In 1944, General Motors designed the DUKW for the U.S. Army during World War II. This amphibious vehicle was used to transport military personnel and supplies on both land and water. Amphibious Vehicle Manufacturing later acquired these vehicles and modified them for use by civilian tourist businesses. The modified boats, later known as the Stretch Duck 07, featured fixed canopy roofs and expanded seating. Ozarks Scenic Tours, Inc. (later acquired by Ripley Entertainment, Inc.) purchased the “duck boats” to offer paid scenic tours of Table Rock Lake in Missouri.

In 1999, 13 passengers on a duck boat in Arkansas died when the boat capsized. The fixed canopy roofs and other design issues made the vehicles unsafe and prevented passengers from escaping as it sank. That year, the National Transportation Safety Board (“NTSB”) issued safety recommendations for modifications of the Stretch Duck 07. Ripley Entertainment did not comply with the recommendation. In fact, the last modifications to the boats were made between 1996 and 1998.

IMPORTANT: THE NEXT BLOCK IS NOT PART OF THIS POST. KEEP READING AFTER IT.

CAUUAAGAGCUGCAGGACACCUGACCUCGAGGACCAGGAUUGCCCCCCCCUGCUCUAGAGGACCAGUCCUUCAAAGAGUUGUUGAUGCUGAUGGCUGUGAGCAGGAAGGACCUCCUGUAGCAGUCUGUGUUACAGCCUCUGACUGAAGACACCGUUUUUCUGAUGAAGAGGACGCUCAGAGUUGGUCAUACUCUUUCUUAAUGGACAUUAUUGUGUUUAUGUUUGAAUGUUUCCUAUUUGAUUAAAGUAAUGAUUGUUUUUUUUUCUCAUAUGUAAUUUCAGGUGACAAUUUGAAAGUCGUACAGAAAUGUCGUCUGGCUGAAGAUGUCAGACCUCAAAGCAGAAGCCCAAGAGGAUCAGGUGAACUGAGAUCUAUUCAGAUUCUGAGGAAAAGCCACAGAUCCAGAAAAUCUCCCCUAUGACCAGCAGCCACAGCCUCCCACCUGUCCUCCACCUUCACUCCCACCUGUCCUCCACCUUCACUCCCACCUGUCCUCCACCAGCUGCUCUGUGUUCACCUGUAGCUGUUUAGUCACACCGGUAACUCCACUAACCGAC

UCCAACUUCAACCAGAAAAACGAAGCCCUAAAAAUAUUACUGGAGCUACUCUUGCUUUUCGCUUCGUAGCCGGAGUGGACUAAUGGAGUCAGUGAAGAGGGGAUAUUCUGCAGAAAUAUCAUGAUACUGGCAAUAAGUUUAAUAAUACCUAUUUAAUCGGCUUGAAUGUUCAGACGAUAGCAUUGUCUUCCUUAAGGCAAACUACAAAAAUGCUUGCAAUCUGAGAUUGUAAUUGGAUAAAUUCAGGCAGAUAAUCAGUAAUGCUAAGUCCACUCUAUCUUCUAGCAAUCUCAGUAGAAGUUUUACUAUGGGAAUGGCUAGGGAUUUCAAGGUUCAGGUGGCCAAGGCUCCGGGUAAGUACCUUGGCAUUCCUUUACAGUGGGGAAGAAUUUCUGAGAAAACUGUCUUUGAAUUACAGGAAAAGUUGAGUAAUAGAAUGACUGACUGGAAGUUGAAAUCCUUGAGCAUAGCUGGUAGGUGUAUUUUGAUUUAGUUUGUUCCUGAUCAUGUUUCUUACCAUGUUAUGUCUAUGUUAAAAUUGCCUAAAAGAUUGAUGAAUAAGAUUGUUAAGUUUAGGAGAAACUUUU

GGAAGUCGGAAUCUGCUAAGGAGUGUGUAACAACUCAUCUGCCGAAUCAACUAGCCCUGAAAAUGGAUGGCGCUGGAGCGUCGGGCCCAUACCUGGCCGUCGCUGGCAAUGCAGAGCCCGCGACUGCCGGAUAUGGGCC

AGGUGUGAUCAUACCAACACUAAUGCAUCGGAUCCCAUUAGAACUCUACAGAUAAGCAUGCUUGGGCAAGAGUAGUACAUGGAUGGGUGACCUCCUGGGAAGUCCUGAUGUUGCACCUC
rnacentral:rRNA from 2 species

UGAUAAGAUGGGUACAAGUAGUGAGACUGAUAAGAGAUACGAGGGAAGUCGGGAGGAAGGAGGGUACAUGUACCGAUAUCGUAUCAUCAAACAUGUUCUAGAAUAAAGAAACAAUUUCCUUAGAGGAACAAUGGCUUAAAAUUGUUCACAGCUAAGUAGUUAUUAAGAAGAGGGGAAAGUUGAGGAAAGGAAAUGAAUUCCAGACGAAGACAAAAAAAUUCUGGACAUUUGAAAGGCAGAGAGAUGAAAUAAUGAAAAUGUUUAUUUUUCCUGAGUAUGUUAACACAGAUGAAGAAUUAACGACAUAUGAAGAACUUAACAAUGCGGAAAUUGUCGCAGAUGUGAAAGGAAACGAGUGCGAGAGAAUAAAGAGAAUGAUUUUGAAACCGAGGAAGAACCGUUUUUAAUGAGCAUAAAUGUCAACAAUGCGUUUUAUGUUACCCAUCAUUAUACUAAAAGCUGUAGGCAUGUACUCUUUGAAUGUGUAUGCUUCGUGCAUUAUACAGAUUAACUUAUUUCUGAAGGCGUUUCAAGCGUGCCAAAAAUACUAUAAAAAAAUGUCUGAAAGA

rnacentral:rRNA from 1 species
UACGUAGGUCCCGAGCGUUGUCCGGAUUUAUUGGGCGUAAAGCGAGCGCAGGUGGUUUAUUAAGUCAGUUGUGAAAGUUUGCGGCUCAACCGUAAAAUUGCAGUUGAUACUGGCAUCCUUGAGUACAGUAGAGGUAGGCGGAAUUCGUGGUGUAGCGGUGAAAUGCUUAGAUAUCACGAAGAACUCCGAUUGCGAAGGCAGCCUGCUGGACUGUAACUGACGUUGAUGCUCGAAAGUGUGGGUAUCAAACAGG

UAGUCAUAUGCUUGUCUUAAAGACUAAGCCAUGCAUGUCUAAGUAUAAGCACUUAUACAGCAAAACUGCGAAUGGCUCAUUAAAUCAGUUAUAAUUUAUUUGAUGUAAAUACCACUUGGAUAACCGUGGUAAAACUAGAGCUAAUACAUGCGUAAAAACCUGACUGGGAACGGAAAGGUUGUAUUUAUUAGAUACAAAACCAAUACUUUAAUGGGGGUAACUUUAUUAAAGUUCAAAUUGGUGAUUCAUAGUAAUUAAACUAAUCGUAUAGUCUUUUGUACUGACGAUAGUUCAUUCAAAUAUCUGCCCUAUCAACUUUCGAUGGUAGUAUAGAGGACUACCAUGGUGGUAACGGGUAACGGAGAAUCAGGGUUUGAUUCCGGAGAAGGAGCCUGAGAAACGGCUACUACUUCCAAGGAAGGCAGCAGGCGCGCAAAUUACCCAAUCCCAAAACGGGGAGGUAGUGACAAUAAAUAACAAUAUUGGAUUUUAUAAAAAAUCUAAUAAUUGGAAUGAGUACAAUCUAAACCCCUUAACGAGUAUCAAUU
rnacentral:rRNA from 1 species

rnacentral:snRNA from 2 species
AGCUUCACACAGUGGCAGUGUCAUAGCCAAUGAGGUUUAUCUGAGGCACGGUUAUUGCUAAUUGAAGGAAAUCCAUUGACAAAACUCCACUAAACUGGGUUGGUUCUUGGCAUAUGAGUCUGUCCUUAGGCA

On July 19, 2018, Ripley Entertainment received weather warnings issued by the NTSB. Ripley ignored the warnings and took tourists on the water with a duck boat that they knew to be unsafe under those conditions. The boat capsized and 17 passengers who were trapped inside drowned. (Learn more about the duck boat accident here)

Ripley Entertainment knew about the boats’ dangerous design. They, along with other businesses, made no attempts to adhere to the safety recommendations issued by the NTSB. Instead, they continued to advertise their duck boat tours and encouraged the public to book cruises on their equipment.